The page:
SemSem 04-2016: Functional trait-based research in agroecology

El pasadoP1240868 19 de febrero nos acompaño Adam Martín presentando su trabajo de investigación:”Functional trait-based research in agroecology”

Aquí podrán acceder a la presentación.

Abstract:

Studies focused on plant functional traits have been very important for understanding ecological patterns and processes in natural plant communities. However to date, functional trait-based approaches have not been widely used in agroecological research, policy, or practice. While there is a long history of evaluating the causes and consequences of variation in crop “agronomic” or “domestication” traits, few agroecological studies have focused on functional plant traits as commonly envisioned in the ecology or evolutionary biology literature. In this seminar, I will concisely review the potential applications of functional-trait based approaches to agroecological research, illustrating its strengths and applications through our field studies on leaf trait variation in shade-coffee agroforestry systems in Costa Rica and Nicaragua. Through meta-analyses of global functional trait databases, I will also highlight important knowledge gaps that when addressed, may provide new insights into agroecological dynamics across multiple spatial and temporal scales.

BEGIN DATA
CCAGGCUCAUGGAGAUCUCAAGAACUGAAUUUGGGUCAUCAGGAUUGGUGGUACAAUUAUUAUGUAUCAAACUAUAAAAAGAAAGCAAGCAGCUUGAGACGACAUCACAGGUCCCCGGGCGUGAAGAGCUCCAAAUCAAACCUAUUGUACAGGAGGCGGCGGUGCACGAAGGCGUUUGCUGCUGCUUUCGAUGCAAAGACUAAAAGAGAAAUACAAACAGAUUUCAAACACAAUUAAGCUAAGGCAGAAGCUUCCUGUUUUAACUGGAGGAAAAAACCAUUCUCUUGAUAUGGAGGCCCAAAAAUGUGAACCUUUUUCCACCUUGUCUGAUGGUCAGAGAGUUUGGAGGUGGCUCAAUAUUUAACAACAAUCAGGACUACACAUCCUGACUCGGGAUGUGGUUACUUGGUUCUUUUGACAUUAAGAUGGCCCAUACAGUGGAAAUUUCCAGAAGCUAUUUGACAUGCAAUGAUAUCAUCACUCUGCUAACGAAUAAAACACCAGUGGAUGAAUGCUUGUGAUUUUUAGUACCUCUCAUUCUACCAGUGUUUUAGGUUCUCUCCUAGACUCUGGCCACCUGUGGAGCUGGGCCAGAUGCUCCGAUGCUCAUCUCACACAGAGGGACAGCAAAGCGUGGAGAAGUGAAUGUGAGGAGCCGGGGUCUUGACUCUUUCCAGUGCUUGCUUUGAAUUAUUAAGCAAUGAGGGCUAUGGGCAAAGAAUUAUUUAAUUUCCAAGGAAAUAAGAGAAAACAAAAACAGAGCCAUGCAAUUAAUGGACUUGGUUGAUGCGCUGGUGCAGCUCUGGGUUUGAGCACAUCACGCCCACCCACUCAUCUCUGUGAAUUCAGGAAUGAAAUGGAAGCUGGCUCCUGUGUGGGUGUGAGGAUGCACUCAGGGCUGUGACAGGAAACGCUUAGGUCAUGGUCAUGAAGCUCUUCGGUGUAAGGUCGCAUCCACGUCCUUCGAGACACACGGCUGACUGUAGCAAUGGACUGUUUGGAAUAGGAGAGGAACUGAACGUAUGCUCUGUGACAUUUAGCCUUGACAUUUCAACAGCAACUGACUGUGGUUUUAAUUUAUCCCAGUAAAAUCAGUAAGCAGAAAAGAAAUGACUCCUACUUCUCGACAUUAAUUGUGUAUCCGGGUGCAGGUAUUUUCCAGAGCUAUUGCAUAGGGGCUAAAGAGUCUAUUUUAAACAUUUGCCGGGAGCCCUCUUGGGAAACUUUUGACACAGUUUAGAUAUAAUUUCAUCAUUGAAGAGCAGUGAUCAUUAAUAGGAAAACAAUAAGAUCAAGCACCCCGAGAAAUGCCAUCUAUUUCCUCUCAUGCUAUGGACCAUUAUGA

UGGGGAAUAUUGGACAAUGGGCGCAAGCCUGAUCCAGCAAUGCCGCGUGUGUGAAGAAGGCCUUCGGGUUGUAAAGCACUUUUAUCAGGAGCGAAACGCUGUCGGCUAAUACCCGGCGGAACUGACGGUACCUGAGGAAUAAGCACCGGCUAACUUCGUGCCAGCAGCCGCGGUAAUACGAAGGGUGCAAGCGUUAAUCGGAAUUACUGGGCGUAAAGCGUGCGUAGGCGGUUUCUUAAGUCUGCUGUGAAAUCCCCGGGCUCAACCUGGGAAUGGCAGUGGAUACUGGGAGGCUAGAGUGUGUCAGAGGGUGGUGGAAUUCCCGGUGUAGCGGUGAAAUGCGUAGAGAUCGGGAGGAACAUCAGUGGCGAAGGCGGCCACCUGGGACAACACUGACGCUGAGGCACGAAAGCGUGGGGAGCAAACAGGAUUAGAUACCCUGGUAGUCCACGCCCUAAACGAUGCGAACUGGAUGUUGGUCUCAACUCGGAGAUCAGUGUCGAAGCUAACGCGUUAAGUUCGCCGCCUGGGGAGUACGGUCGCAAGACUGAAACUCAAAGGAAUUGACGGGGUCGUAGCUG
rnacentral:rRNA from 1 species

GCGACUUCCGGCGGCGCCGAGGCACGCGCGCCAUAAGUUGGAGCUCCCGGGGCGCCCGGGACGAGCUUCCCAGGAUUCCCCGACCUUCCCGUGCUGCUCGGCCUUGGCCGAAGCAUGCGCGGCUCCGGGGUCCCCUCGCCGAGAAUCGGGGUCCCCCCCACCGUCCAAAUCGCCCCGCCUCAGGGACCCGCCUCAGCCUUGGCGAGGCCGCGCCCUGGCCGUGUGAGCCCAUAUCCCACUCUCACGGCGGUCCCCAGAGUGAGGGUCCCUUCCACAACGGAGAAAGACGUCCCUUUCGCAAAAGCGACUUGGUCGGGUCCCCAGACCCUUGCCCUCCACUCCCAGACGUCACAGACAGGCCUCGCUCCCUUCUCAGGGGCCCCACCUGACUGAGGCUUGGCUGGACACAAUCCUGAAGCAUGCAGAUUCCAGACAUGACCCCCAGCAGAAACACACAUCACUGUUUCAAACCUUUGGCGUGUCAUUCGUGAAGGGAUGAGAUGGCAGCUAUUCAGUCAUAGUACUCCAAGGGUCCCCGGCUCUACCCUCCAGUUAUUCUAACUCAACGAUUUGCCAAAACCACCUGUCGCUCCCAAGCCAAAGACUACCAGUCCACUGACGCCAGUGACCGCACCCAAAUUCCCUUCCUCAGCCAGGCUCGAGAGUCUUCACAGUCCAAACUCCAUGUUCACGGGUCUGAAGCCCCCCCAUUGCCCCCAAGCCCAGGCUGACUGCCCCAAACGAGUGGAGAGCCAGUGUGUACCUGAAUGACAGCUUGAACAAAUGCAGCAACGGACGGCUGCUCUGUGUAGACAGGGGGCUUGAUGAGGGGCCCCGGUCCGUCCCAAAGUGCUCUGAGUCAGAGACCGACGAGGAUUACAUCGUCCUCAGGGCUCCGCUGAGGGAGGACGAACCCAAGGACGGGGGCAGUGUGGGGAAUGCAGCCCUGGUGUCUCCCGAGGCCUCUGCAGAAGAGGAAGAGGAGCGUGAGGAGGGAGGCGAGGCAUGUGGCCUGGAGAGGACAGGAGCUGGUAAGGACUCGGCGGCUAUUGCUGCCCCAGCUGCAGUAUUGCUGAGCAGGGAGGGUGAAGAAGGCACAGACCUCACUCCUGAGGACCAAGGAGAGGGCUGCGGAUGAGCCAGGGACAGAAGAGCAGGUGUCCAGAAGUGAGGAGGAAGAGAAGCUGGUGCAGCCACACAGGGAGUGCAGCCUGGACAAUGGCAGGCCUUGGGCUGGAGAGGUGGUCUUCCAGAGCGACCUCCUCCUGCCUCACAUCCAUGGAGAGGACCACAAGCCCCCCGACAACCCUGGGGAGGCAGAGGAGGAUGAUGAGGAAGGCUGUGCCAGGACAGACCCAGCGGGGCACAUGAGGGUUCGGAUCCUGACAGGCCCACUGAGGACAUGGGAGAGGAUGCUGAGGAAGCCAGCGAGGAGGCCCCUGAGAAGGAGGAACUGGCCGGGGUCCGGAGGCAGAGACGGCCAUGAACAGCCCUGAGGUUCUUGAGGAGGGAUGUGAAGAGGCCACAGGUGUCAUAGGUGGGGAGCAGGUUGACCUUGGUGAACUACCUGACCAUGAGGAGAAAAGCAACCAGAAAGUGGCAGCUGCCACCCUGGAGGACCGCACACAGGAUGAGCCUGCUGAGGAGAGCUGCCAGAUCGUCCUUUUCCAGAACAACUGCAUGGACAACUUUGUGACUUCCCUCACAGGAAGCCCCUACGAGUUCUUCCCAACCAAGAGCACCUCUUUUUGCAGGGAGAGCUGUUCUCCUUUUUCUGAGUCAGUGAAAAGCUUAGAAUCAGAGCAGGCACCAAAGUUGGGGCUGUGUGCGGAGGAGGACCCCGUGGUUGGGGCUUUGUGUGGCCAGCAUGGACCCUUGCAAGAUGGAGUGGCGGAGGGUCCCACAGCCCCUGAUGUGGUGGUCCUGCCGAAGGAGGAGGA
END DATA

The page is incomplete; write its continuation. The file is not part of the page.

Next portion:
Biography:

Adam Martin is an ecologist in the Department of Physical and Environmental Sciences and the Centre for Critical Development studies, at the University of Toronto Scarborough. He is interested in how differences in the morphological, chemical, and physical characteristics of plants – or their functional traits – influence the structure and function of agroecosystems and forests. He is particularly interested in understanding how differences in leaf functional traits, both between and within crops, influence agroecosystem resilience and resistance to global change. Adam also maintains active research on the carbon dynamics of tropical forests throughout Central America, the Caribbean, and South-east Asia.